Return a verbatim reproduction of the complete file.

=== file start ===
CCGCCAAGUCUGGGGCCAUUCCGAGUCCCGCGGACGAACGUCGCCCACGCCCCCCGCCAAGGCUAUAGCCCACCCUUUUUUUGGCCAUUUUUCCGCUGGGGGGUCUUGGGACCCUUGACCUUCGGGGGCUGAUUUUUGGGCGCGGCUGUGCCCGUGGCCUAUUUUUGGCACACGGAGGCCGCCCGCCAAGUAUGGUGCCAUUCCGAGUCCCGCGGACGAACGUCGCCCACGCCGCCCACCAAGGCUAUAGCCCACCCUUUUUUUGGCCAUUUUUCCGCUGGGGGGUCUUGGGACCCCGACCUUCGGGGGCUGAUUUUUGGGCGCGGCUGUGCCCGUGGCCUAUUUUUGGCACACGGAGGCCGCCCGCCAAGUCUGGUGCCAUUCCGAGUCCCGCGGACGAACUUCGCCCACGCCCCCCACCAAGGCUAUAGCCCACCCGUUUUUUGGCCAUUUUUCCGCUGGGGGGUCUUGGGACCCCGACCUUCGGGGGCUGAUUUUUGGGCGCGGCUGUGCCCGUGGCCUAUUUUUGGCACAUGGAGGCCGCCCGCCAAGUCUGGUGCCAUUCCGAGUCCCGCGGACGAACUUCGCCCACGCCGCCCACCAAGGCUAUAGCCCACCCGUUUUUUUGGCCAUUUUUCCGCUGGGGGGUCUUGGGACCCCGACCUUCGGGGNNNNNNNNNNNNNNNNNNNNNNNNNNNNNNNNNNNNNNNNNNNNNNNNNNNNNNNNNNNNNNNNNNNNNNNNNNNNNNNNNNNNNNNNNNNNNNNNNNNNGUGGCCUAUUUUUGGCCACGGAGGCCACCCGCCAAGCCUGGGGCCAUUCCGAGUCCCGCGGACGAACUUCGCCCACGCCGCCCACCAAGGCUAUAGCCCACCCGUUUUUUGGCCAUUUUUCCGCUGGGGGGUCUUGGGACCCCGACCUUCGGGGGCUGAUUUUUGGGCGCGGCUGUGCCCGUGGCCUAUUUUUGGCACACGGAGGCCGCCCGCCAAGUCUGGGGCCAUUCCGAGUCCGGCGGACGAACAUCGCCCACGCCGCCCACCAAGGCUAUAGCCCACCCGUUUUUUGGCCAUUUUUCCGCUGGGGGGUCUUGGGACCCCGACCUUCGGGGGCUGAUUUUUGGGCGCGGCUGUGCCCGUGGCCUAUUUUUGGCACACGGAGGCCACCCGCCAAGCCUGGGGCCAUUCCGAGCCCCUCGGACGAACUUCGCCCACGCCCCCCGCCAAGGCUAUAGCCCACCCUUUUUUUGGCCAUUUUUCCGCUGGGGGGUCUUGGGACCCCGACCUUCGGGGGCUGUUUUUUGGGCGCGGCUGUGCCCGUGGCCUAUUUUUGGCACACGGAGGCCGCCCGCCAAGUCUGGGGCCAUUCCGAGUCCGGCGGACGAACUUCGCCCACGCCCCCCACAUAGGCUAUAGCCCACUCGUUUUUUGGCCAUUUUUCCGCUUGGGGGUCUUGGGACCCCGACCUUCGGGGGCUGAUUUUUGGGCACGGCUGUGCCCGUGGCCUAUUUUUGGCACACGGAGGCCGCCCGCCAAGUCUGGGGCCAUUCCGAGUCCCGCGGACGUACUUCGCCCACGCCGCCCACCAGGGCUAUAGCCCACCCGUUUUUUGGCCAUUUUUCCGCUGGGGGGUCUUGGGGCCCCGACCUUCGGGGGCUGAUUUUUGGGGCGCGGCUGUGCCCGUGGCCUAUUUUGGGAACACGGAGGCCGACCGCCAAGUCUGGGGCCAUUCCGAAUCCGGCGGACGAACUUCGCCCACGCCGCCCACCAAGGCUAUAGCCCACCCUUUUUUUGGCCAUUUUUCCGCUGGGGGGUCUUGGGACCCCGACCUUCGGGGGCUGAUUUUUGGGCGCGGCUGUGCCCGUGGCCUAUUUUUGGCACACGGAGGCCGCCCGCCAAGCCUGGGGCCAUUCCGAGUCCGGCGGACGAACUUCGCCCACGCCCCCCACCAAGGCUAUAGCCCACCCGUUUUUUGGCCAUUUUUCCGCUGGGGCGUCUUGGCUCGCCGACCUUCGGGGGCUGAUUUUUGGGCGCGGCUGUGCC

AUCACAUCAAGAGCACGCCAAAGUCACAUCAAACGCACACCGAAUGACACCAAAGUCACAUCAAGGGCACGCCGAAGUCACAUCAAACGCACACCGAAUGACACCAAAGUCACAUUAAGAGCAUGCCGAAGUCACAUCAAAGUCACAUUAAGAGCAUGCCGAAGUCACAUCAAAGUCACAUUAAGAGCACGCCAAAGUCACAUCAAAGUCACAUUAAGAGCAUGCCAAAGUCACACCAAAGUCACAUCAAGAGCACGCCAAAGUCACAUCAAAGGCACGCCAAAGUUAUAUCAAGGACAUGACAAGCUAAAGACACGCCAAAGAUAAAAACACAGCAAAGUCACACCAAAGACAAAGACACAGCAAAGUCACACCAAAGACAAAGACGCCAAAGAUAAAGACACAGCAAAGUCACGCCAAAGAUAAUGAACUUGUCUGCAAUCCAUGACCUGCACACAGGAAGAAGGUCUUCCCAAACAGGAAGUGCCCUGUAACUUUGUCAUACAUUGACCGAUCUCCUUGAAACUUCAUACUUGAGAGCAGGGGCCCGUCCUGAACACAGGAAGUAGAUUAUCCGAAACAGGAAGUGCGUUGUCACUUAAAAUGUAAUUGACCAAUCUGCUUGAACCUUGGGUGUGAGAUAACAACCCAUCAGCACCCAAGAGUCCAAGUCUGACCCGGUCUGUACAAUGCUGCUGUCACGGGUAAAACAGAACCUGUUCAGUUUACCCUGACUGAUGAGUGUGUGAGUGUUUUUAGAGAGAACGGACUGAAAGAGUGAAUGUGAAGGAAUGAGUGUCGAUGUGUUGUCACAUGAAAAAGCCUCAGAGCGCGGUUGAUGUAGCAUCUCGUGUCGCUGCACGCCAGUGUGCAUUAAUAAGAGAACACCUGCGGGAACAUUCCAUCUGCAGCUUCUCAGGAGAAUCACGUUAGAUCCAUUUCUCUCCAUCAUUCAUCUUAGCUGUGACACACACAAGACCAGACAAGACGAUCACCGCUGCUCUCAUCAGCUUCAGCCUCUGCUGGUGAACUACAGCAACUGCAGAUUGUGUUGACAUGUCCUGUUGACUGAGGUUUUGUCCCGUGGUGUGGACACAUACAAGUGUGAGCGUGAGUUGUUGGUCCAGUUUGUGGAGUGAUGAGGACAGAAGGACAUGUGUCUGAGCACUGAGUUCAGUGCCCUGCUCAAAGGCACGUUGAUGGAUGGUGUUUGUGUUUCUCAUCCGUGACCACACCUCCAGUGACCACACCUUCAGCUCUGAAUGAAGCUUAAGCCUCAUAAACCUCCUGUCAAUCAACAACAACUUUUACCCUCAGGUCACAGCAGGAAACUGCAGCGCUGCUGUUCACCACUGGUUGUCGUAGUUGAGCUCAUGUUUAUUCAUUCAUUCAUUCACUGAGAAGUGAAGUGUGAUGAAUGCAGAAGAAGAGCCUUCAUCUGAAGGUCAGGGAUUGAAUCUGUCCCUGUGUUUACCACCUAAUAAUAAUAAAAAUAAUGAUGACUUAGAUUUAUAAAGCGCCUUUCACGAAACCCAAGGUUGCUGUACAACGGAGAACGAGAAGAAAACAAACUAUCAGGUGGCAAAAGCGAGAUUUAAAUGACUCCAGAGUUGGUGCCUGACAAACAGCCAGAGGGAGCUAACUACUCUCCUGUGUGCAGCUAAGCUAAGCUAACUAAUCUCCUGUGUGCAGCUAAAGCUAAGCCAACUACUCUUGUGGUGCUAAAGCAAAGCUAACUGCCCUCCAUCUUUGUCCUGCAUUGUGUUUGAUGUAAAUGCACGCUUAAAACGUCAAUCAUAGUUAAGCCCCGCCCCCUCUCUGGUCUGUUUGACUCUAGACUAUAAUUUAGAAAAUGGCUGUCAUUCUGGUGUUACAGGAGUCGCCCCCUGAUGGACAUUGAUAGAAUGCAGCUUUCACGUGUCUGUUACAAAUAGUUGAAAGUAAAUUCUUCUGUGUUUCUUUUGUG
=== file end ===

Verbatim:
CCGCCAAGUCUGGGGCCAUUCCGAGUCCCGCGGACGAACGUCGCCCACGCCCCCCGCCAAGGCUAUAGCCCACCCUUUUUUUGGCCAUUUUUCCGCUGGGGGGUCUUGGGACCCUUGACCUUCGGGGGCUGAUUUUUGGGCGCGGCUGUGCCCGUGGCCUAUUUUUGGCACACGGAGGCCGCCCGCCAAGUAUGGUGCCAUUCCGAGUCCCGCGGACGAACGUCGCCCACGCCGCCCACCAAGGCUAUAGCCCACCCUUUUUUUGGCCAUUUUUCCGCUGGGGGGUCUUGGGACCCCGACCUUCGGGGGCUGAUUUUUGGGCGCGGCUGUGCCCGUGGCCUAUUUUUGGCACACGGAGGCCGCCCGCCAAGUCUGGUGCCAUUCCGAGUCCCGCGGACGAACUUCGCCCACGCCCCCCACCAAGGCUAUAGCCCACCCGUUUUUUGGCCAUUUUUCCGCUGGGGGGUCUUGGGACCCCGACCUUCGGGGGCUGAUUUUUGGGCGCGGCUGUGCCCGUGGCCUAUUUUUGGCACAUGGAGGCCGCCCGCCAAGUCUGGUGCCAUUCCGAGUCCCGCGGACGAACUUCGCCCACGCCGCCCACCAAGGCUAUAGCCCACCCGUUUUUUUGGCCAUUUUUCCGCUGGGGGGUCUUGGGACCCCGACCUUCGGGGNNNNNNNNNNNNNNNNNNNNNNNNNNNNNNNNNNNNNNNNNNNNNNNNNNNNNNNNNNNNNNNNNNNNNNNNNNNNNNNNNNNNNNNNNNNNNNNNNNNNGUGGCCUAUUUUUGGCCACGGAGGCCACCCGCCAAGCCUGGGGCCAUUCCGAGUCCCGCGGACGAACUUCGCCCACGCCGCCCACCAAGGCUAUAGCCCACCCGUUUUUUGGCCAUUUUUCCGCUGGGGGGUCUUGGGACCCCGACCUUCGGGGGCUGAUUUUUGGGCGCGGCUGUGCCCGUGGCCUAUUUUUGGCACACGGAGGCCGCCCGCCAAGUCUGGGGCCAUUCCGAGUCCGGCGGACGAACAUCGCCCACGCCGCCCACCAAGGCUAUAGCCCACCCGUUUUUUGGCCAUUUUUCCGCUGGGGGGUCUUGGGACCCCGACCUUCGGGGGCUGAUUUUUGGGCGCGGCUGUGCCCGUGGCCUAUUUUUGGCACACGGAGGCCACCCGCCAAGCCUGGGGCCAUUCCGAGCCCCUCGGACGAACUUCGCCCACGCCCCCCGCCAAGGCUAUAGCCCACCCUUUUUUUGGCCAUUUUUCCGCUGGGGGGUCUUGGGACCCCGACCUUCGGGGGCUGUUUUUUGGGCGCGGCUGUGCCCGUGGCCUAUUUUUGGCACACGGAGGCCGCCCGCCAAGUCUGGGGCCAUUCCGAGUCCGGCGGACGAACUUCGCCCACGCCCCCCACAUAGGCUAUAGCCCACUCGUUUUUUGGCCAUUUUUCCGCUUGGGGGUCUUGGGACCCCGACCUUCGGGGGCUGAUUUUUGGGCACGGCUGUGCCCGUGGCCUAUUUUUGGCACACGGAGGCCGCCCGCCAAGUCUGGGGCCAUUCCGAGUCCCGCGGACGUACUUCGCCCACGCCGCCCACCAGGGCUAUAGCCCACCCGUUUUUUGGCCAUUUUUCCGCUGGGGGGUCUUGGGGCCCCGACCUUCGGGGGCUGAUUUUUGGGGCGCGGCUGUGCCCGUGGCCUAUUUUGGGAACACGGAGGCCGACCGCCAAGUCUGGGGCCAUUCCGAAUCCGGCGGACGAACUUCGCCCACGCCGCCCACCAAGGCUAUAGCCCACCCUUUUUUUGGCCAUUUUUCCGCUGGGGGGUCUUGGGACCCCGACCUUCGGGGGCUGAUUUUUGGGCGCGGCUGUGCCCGUGGCCUAUUUUUGGCACACGGAGGCCGCCCGCCAAGCCUGGGGCCAUUCCGAGUCCGGCGGACGAACUUCGCCCACGCCCCCCACCAAGGCUAUAGCCCACCCGUUUUUUGGCCAUUUUUCCGCUGGGGCGUCUUGGCUCGCCGACCUUCGGGGGCUGAUUUUUGGGCGCGGCUGUGCC

AUCACAUCAAGAGCACGCCAAAGUCACAUCAAACGCACACCGAAUGACACCAAAGUCACAUCAAGGGCACGCCGAAGUCACAUCAAACGCACACCGAAUGACACCAAAGUCACAUUAAGAGCAUGCCGAAGUCACAUCAAAGUCACAUUAAGAGCAUGCCGAAGUCACAUCAAAGUCACAUUAAGAGCACGCCAAAGUCACAUCAAAGUCACAUUAAGAGCAUGCCAAAGUCACACCAAAGUCACAUCAAGAGCACGCCAAAGUCACAUCAAAGGCACGCCAAAGUUAUAUCAAGGACAUGACAAGCUAAAGACACGCCAAAGAUAAAAACACAGCAAAGUCACACCAAAGACAAAGACACAGCAAAGUCACACCAAAGACAAAGACGCCAAAGAUAAAGACACAGCAAAGUCACGCCAAAGAUAAUGAACUUGUCUGCAAUCCAUGACCUGCACACAGGAAGAAGGUCUUCCCAAACAGGAAGUGCCCUGUAACUUUGUCAUACAUUGACCGAUCUCCUUGAAACUUCAUACUUGAGAGCAGGGGCCCGUCCUGAACACAGGAAGUAGAUUAUCCGAAACAGGAAGUGCGUUGUCACUUAAAAUGUAAUUGACCAAUCUGCUUGAACCUUGGGUGUGAGAUAACAACCCAUCAGCACCCAAGAGUCCAAGUCUGACCCGGUCUGUACAAUGCUGCUGUCACGGGUAAAACAGAACCUGUUCAGUUUACCCUGACUGAUGAGUGUGUGAGUGUUUUUAGAGAGAACGGACUGAAAGAGUGAAUGUGAAGGAAUGAGUGUCGAUGUGUUGUCACAUGAAAAAGCCUCAGAGCGCGGUUGAUGUAGCAUCUCGUGUCGCUGCACGCCAGUGUGCAUUAAUAAGAGAACACCUGCGGGAACAUUCCAUCUGCAGCUUCUCAGGAGAAUCACGUUAGAUCCAUUUCUCUCCAUCAUUCAUCUUAGCUGUGACACACACAAGACCAGACAAGACGAUCACCGCUGCUCUCAUCAGCUUCAGCCUCUGCUGGUGAACUACAGCAACUGCAGAUUGUGUUGACAUGUCCUGUUGACUGAGGUUUUGUCCCGUGGUGUGGACACAUACAAGUGUGAGCGUGAGUUGUUGGUCCAGUUUGUGGAGUGAUGAGGACAGAAGGACAUGUGUCUGAGCACUGAGUUCAGUGCCCUGCUCAAAGGCACGUUGAUGGAUGGUGUUUGUGUUUCUCAUCCGUGACCACACCUCCAGUGACCACACCUUCAGCUCUGAAUGAAGCUUAAGCCUCAUAAACCUCCUGUCAAUCAACAACAACUUUUACCCUCAGGUCACAGCAGGAAACUGCAGCGCUGCUGUUCACCACUGGUUGUCGUAGUUGAGCUCAUGUUUAUUCAUUCAUUCAUUCACUGAGAAGUGAAGUGUGAUGAAUGCAGAAGAAGAGCCUUCAUCUGAAGGUCAGGGAUUGAAUCUGUCCCUGUGUUUACCACCUAAUAAUAAUAAAAAUAAUGAUGACUUAGAUUUAUAAAGCGCCUUUCACGAAACCCAAGGUUGCUGUACAACGGAGAACGAGAAGAAAACAAACUAUCAGGUGGCAAAAGCGAGAUUUAAAUGACUCCAGAGUUGGUGCCUGACAAACAGCCAGAGGGAGCUAACUACUCUCCUGUGUGCAGCUAAGCUAAGCUAACUAAUCUCCUGUGUGCAGCUAAAGCUAAGCCAACUACUCUUGUGGUGCUAAAGCAAAGCUAACUGCCCUCCAUCUUUGUCCUGCAUUGUGUUUGAUGUAAAUGCACGCUUAAAACGUCAAUCAUAGUUAAGCCCCGCCCCCUCUCUGGUCUGUUUGACUCUAGACUAUAAUUUAGAAAAUGGCUGUCAUUCUGGUGUUACAGGAGUCGCCCCCUGAUGGACAUUGAUAGAAUGCAGCUUUCACGUGUCUGUUACAAAUAGUUGAAAGUAAAUUCUUCUGUGUUUCUUUUGUG